The Inga Foundation; Improving food security, protecting the rainforest and reducing global carbon emissions through pioneering a scientifically proven, sustainable alternative to slash and burn farming.
May 18, 2013 |Pablo Pinot, Honduran farmer and the newest member of the Inga Foundation team, with his young Inga alley plot. Not only will this plot provide food security for Pablo’s family, it will also serve as a living example of the effectiveness of the Inga system, helping Pablo convince other local families to give up slash and burn as well.
May 17, 2013 |Believe it or not, this is the same Inga tree, just 10 months on. It was one of the first seedlings planted at our new Project Center last July and now, 10 months later, its already over 2 meters high.
April 30, 2013 |The new nursery is huge, capable of holding several hundred thousand seedlings. Right now its housing the first 4,000 seedlings, from 8 carefully selected tree species. These seedlings will soon be planted out into trial alley plots so we can judge which one would make the best African Inga substitute.
April 20, 2013 |Mike Hands is currently out in the Congo. He is working to identify native Congo trees which could be used in the Inga alley system, with help from Kew Gardens expert Dr. Martin Cheek and local Congolese agronomists. As you can see, the rainforest is starting to fragment all across the Congo, making identifying a Inga replacement to tackle slash and burn in Congo all the more urgent.
April 12, 2013 |For a few days each year, emerging from the dense green of the intact rainforest, dozens of astonishingly yellow Tabebuia trees burst into bloom. Or at least, this is what happens in the few areas where large expanses of rainforest still remain. Support us and help protect the wonders of these shrinking forests.
April 10, 2013 |One of the lesser known felines of the Honduran rainforest, the beautiful Margay depends on large areas of intact rainforest for its survival. This one was photographed in the Pico Bonito area, right by where we are working, presenting yet another reason why its so urgent to stop slash and burn eating away at these forests. (Photo Credit: James Adams)
April 8, 2013 |A view of the young Inga alleys at Las Flores, our new project centre which we are currently busy getting up and running. Once its ready Las Flores will serve as the nerve centre for dissemination of the Inga Model around the humid tropics.
April 5, 2013 |Meet Abraham Martinez, Inga Foundation Director of Field Operations for Honduras. Cool, calm, determined and utterly committed to the Guama Model. This passionate Forester is a natural leader and we are very lucky to have him.
April 4, 2013 |Daniel Reyes, Demo Farm foreman, shows why Inga is sometime known as the candy floss tree! Children especially love this natural sugary snack, making it easy to persuade them to help with de-podding and cleaning the seeds ready for planting.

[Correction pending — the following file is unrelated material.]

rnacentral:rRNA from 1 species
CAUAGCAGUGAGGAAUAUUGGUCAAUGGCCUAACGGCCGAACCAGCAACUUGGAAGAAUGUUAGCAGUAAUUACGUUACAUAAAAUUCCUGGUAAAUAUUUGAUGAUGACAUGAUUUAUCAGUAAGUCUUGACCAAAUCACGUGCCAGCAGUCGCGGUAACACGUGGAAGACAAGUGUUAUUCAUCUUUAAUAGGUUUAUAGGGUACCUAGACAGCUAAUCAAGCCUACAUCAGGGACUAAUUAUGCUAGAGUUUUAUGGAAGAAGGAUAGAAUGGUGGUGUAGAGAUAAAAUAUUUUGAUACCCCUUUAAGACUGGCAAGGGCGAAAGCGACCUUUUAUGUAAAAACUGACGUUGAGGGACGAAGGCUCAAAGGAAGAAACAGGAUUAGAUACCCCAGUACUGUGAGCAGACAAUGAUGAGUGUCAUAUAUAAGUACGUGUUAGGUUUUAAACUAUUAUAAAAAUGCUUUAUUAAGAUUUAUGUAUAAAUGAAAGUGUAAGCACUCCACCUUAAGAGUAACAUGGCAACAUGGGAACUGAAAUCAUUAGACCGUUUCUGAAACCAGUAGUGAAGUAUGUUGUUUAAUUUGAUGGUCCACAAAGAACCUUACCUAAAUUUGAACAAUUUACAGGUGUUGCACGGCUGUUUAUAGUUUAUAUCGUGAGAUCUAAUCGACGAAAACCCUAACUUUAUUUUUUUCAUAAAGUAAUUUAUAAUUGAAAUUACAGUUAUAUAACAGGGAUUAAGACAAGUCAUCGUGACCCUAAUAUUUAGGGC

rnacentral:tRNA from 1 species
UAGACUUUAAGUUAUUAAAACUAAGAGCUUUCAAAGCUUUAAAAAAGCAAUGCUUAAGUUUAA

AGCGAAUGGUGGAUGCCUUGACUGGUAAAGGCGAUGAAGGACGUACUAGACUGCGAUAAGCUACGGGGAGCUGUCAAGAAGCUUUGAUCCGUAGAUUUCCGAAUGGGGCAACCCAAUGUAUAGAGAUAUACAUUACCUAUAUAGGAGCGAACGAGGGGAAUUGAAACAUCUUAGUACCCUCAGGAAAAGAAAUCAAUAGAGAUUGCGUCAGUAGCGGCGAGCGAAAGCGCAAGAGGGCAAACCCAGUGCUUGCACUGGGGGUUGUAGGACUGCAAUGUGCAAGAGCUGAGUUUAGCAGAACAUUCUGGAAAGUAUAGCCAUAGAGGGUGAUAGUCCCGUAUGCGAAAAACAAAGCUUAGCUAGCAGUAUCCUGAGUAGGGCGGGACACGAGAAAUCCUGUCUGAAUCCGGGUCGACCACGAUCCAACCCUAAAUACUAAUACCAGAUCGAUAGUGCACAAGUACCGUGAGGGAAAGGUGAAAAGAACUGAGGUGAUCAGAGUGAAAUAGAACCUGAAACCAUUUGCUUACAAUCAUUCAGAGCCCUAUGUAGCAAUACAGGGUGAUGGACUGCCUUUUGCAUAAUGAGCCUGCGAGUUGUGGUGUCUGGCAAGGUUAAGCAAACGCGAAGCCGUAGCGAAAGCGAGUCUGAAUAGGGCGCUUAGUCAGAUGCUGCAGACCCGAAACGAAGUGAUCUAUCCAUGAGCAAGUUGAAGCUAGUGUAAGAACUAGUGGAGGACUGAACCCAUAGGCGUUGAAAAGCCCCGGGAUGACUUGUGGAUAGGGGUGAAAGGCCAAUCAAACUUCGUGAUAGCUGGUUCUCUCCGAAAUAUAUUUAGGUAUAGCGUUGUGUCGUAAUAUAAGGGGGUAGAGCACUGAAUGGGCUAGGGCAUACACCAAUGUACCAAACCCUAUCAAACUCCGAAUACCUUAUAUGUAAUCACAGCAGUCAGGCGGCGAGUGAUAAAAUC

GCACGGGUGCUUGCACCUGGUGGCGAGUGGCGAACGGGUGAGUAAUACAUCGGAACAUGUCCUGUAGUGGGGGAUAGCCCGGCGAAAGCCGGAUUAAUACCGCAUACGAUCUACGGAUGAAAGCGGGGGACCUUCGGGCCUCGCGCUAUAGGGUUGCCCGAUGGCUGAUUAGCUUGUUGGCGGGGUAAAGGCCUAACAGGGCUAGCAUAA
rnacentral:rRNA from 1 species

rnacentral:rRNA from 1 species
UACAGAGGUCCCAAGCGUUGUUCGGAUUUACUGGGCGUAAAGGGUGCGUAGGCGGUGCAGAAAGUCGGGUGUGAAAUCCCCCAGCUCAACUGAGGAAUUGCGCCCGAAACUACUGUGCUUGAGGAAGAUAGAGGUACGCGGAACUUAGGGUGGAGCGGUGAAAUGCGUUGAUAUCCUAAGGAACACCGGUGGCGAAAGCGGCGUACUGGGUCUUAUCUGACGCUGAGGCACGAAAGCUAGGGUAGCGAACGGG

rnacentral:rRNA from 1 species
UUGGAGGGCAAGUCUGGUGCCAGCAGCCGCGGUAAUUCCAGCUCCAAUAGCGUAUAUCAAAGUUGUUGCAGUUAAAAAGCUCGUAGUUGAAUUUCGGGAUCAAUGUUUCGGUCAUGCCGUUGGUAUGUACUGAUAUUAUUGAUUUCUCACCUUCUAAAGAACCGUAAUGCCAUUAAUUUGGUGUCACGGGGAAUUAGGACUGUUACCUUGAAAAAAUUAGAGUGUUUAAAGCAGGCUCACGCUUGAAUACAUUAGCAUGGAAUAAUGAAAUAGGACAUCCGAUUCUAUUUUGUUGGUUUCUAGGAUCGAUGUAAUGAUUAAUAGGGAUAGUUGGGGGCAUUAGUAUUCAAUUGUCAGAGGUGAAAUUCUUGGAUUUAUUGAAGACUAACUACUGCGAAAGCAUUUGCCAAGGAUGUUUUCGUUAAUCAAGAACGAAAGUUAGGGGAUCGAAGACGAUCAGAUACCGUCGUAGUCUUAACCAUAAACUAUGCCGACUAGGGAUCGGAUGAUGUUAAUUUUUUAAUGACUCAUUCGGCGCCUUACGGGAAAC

April 3, 2013 |Doña Rosario, a Guamera (Inga farmer) of 10 years standing, shows off her pepper seedlings which she will plant out and harvest when they are ready. Pepper is the cash crop of choice for Inga Foundation farmers, and the new Demo Farm is being prepared to cultivate and process it on a large scale. Progress is going well though we still need further funds for a Processing and Educational Centre.
March 31, 2013 |Local farmer Pablo Pinto has now joined the Inga Foundation staff. He proudly sports his new Guamero outfit on his plot in the Cangrajal river valley. A very calm, determined, impressive addition to what is an exciting period in Inga Foundations’s development.
March 27, 2013 |The rainforest we are protecting by helping families give up slash and burn supports a rich biodiversity of different species. Our director Mike and Inga Associate Jan were lucky enough today to catch a glimpse of one particularly charismatic species which depends on these forests – the appropriately named Lovely Continga.
Up In Smoke - watch the trailer below or see the full film
The Inga Foundation is currently working on a number of projects in Honduras, as well as elsewhere around the world. You can view the full list on our Project Page
Slash and burn farming is rapidly destroying the world’s remaining rainforests and sending vast amounts of carbon dioxide into the atmosphere. Yet for more than 250 million farmers across the world, it is the only way they can survive.
Through implementing Inga Alley Cropping – the sustainable alternative to slash and burn – we can change this. By supporting farmers to take up this technique, the Inga Foundation gives them the ability to feed their families and improve their livelihoods, whilst keeping the rainforest and it’s rich biodiversity intact.
Donate today to help us improve livelihoods, protect biodiversity, and combat climate change.
September 5, 2012 |
Choosing to switch from slash and burn to Inga alley cropping is probably a bigger decision than most people who see this blog, myself included, this will ever have to make. I’m unlikely, and I’m very grateful for...
August 12, 2012 |
On Friday we held an Open Day at our new Project Center in San Marcos. It’s always a bit nerve wracking just before an event like this, waiting to see what the results of all that effort will be and wondering how many...
August 12, 2012 |
We’re on our way up to one of the mountain villages and I’ve stopped a minute as we pass yet another freshly cleared slash and burn plot to try to take in what I’m seeing. I stand in the heavy silence and look out at the...